The Obama administration's plan to arm rebels in Syria is being delayed because members of the House and Senate intelligence committees are divided on whether the U.S. should arm rebels in Syria.
While it might be the case that the Obama administration would like Congress to back the plan to arm rebels in Syria the plan could be implemented without Congressional approval.
From The Washington Post:
Under the administration's plan, the arms shipments are to be undertaken as a covert action by the CIA. Although the administration must inform the intelligence committees and the congressional leadership, their approval and funding authorization are not required by law.
But seeking agreement is a long-held tradition. Congress has shown in the past that it is willing to use its budget power to prevent specific intelligence activities, as it did in the early 1980s with laws prohibiting funds for contra fighters seeking to overthrow Nicaragua's government.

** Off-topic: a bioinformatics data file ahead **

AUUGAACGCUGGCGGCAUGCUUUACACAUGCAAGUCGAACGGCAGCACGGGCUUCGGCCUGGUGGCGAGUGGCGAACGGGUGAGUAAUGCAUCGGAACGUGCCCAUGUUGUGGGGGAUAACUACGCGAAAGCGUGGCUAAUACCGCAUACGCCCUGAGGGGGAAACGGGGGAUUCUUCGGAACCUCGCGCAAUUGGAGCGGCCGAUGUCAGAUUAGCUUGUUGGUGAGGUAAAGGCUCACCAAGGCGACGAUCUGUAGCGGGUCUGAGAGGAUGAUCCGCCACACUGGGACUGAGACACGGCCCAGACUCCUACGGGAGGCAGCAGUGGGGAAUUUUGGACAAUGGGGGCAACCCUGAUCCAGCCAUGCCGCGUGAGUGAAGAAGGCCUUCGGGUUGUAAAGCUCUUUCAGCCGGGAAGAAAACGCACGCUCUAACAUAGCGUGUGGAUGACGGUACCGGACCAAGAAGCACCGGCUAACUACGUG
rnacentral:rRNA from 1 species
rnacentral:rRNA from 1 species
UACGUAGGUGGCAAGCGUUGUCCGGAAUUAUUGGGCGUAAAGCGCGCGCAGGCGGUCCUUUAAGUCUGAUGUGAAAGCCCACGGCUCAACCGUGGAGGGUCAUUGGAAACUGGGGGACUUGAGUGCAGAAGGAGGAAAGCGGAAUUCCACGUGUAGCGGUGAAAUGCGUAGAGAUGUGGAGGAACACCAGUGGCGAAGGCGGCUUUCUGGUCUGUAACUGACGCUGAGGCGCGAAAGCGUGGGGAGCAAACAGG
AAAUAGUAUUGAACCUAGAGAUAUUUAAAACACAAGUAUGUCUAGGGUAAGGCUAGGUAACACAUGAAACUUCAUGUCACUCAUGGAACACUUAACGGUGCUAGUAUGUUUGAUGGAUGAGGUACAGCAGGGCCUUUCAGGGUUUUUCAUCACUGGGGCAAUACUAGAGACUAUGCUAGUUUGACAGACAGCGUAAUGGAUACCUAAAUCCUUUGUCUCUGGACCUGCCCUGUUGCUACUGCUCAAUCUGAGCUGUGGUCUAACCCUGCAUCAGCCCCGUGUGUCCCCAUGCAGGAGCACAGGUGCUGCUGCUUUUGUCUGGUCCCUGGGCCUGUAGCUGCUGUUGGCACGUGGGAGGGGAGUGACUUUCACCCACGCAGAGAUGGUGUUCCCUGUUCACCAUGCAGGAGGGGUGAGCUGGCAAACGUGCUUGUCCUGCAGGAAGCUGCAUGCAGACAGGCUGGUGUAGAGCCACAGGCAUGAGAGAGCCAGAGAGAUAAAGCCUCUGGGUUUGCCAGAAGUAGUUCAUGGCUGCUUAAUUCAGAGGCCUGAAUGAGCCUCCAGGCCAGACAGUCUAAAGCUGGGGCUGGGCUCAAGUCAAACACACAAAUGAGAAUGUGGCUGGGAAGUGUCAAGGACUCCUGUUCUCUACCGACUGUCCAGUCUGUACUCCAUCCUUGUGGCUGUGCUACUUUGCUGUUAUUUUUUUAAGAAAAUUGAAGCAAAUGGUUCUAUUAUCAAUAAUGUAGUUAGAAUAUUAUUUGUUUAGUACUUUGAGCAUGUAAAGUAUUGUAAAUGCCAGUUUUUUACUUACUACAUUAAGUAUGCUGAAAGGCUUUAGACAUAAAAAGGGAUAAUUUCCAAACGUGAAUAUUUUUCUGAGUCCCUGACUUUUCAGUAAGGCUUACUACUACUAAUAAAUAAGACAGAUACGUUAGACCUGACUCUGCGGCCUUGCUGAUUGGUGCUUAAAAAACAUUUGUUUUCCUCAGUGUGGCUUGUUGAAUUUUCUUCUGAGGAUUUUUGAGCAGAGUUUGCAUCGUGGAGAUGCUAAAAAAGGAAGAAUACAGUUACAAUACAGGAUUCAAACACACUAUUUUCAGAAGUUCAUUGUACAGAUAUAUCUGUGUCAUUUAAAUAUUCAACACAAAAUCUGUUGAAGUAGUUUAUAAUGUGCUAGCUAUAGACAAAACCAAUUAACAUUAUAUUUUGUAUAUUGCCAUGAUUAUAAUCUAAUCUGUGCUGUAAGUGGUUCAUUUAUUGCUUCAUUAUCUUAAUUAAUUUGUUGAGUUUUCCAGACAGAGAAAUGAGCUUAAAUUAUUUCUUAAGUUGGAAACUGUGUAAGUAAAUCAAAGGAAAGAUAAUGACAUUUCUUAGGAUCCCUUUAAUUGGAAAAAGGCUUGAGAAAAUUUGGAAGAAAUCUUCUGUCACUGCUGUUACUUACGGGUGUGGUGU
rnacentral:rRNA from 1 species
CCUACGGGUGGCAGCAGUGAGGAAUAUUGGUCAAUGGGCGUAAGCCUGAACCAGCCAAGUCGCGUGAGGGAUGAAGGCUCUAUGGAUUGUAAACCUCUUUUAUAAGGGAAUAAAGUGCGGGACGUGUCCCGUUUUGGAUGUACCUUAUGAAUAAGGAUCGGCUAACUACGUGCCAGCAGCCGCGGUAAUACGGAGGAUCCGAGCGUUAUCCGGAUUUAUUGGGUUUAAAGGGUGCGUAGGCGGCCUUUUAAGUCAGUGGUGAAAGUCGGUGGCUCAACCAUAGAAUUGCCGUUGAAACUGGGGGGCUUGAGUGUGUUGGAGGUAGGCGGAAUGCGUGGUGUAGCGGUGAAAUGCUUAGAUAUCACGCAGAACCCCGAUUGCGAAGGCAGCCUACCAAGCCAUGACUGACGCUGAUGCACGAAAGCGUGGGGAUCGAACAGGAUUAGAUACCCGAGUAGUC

White House spokesman Jay Carney refused Wednesday to comment on the substance of the dispute over supplying arms to Syrian rebels. "The president said we would consult with Congress, and that's what we're doing," Carney said.
One of the concerns some legislators on Capitol Hill have about the plan to send weapons to rebels in Syria is that Assad's opposition includes groups with links to Al Qaeda. Were the U.S. to send weapons to rebels in Syria there is no way to guarantee that these groups would not benefit and further pursue their goal, the establishment of an Islamic state in Syria.